VDC test kit slider

Why is vitamin D continuing to be measured in international units?

Posted on: October 30, 2017   by  John Cannell, MD


While approximately 2-3 % of Americans take 5,000IU/day of vitamin D3, many individuals are supplementing with inadequate doses of vitamin D. This problem is even worse in Europe, where recommendations of 400 IU/day are very common. According to this recommendation, a three-hundred-pound football player, an elderly man, a pregnant woman, a 4 year old child and a newborn infant should all be taking the same dose. Why such an illogical regimen?  How could a large football player and an infant have the same needs?

One of the culprits is that vitamin D is measured in IUs, or International Units. Instead of using the metric system, we are holding on to an antiquated way of measuring mass. IU values may make vitamin D seem dangerous because these units are not commonly used to measure micronutrient mass, making the actual mass of vitamin D difficult to reference. Many individuals will not take 10,000 IU/day, but they may take 250 mcg/day. As readers know, 10,000 IU and 250 mcg are the same amount (1 IU = 0.025 mcg).

Why is vitamin D not measured by the metric system? International Units are actually a standardized measurement of biological activity when differing measurements of the same compound give varying reports of the activity of that agent, which is no longer the case with vitamin D. Many biological agents exist in different forms or preparations (e.g. vitamin A in the form of retinol or beta-carotene). The goal of the IU is to be able to compare these, so that different forms or preparations with the same biological effect will contain the same number of IUs. There used to be a need to use IUs when measuring vitamin D, but this is no longer the case.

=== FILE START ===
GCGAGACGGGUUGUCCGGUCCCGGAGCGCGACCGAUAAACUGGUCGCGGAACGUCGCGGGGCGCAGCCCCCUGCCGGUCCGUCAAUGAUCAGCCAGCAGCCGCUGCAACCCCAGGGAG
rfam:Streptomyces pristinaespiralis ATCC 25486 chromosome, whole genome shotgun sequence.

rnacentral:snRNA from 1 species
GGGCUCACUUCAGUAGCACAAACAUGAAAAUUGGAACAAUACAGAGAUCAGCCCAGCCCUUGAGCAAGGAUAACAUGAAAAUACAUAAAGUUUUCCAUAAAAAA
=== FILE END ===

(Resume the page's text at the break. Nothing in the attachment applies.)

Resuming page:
A close friend of mine recently had a total knee replacement at MGH (Harvard). He took 1,250 mcg/day for ten days before the surgery and ten days after. The Chairman of orthopedics at MGH did the surgery and told my friend that he had never seen a case of a total knee replacement that healed as well and where the patient gave up his cane so quickly. Was it the vitamin D?

My friend told the orthopedist that he was taking vitamin D. He asked how much and my friend said “1,250 mcg/day.” The orthopedist said, “Oh that’s fine, I thought you were going to say 5,000 IU/day.” Can you imagine what he would have said if my friend told him, “50,000 IU/day?”


John Cannell, MD. Why is vitamin D continuing to be measured in international units? The Vitamin D Council Blog & Newsletter, October, 2017.

1 Response to Why is vitamin D continuing to be measured in international units?

  1. HannahMC

    Yep. I was trying to convince my father in law to up his dose, but saying 5,ooo-10,000 IU sounds like a bizarrely high number to tell someone. Even my husband was alarmed

Test Your Vitamin D Levels at Home!

Our in-home vitamin D test kit is easy, affordable, and an accurate way to find out your Vitamin D status.

order NOW

We need your help!

We're spreading awareness on Vitamin D Deficiency
Donate NOW
Latest Articles
4 tips for writing an essay in English

Writing an essay in English can be a challenge, especially if you are beginning to learn the language or do not yet fully master it. But don’t worry, did you know that there are strategies that can make this task easier for you? To help you meet this challenge, we leave you a series of […]

Weekly Newsletter

Our Sponsors

December 21st is DDAY. Click here to celebrate the day with us!